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Enron and the White House
Crooked to the top

May 31, 2002 | Page 1

SINCE LAST December, the Bush administration has claimed to be an innocent bystander in the collapse of energy giant Enron. But documents released by the White House last week show that the Bush gang was best buddies with these corporate crooks.

The records reveal dozens of contacts between administration officials and Enron executives last year--four times more than the White House admitted in January. As the largest corporate contributors by far to George W. Bush's political career, Enron executives enjoyed a place of honor in the new White House.

Even as the company was plummeting toward bankruptcy, these corporate con artists were begging their pals for a bailout. Of course, that was after they had sold more than $1 billion worth of company stock--getting out before the price tanked, while Enron workers saw their retirement savings go up in smoke.

When Enron went into free fall, the Bush administration mounted a full-scale damage-control campaign, coordinated by Bush's inner circle of advisers. There are more revelations to come.

Last week, a federal judge ruled that the government watchdog group Judicial Watch can continue its efforts to obtain records from Dick Cheney's energy task force. This could finally reveal proof of what most people assume--that Enron and the other giants of the energy industry bought access to write the administration's policy for their own benefit.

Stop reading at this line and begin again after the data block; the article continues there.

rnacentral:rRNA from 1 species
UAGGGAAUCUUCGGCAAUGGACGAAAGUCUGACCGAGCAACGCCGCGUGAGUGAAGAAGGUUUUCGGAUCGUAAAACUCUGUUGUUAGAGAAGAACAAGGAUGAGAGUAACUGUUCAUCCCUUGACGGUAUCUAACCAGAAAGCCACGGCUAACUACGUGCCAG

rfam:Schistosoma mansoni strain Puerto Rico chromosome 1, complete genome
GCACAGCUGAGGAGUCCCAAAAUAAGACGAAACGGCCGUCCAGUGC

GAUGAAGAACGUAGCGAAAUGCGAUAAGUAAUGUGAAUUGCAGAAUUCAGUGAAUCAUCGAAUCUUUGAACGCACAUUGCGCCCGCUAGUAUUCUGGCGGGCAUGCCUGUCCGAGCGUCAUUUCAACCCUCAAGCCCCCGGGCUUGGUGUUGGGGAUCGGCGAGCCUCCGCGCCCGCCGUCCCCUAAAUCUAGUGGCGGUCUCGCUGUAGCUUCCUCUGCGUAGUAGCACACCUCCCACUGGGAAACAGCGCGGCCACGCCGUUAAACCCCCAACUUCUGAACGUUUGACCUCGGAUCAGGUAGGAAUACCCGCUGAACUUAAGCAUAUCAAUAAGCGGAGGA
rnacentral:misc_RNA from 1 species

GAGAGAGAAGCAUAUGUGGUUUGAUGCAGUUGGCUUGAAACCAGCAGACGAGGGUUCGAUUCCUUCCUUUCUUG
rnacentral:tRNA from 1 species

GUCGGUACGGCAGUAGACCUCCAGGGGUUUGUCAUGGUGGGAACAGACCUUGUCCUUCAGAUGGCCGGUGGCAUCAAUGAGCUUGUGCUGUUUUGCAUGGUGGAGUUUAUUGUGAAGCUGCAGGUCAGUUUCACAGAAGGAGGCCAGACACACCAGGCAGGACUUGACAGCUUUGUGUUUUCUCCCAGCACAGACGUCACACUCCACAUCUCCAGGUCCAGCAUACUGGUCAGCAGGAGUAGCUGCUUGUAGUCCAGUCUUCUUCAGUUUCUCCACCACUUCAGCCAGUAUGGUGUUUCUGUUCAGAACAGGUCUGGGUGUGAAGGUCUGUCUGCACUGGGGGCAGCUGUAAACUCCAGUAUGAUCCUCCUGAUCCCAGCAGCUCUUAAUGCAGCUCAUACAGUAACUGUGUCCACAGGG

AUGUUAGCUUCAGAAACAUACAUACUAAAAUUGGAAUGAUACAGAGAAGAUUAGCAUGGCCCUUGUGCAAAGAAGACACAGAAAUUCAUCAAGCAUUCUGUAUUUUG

White House officials insist that Enron's crash is an isolated case of corporate irresponsibility--and has nothing to do with them. But for many people, Enron has come to symbolize everything that's wrong with crony capitalism, American style.

As an editorial in the far-from-radical Washington Post put it: "[The Enron scandal's] many tentacles are united by a sense that rich insiders are rigging the system at the expense of ordinary Americans. Enron's energy dealers ripped off California's consumers--and got away with this behavior because of Enron's clout in Washington."

Enron may have bought influence in Washington more aggressively than other big corporations. But it's hardly an exception. And thanks to their servants in Washington, most of Corporate America's rip-offs are perfectly legal--even if they wreck the lives of working people.

Enron is only the clearest example of a system that serves corporate power--at our expense.

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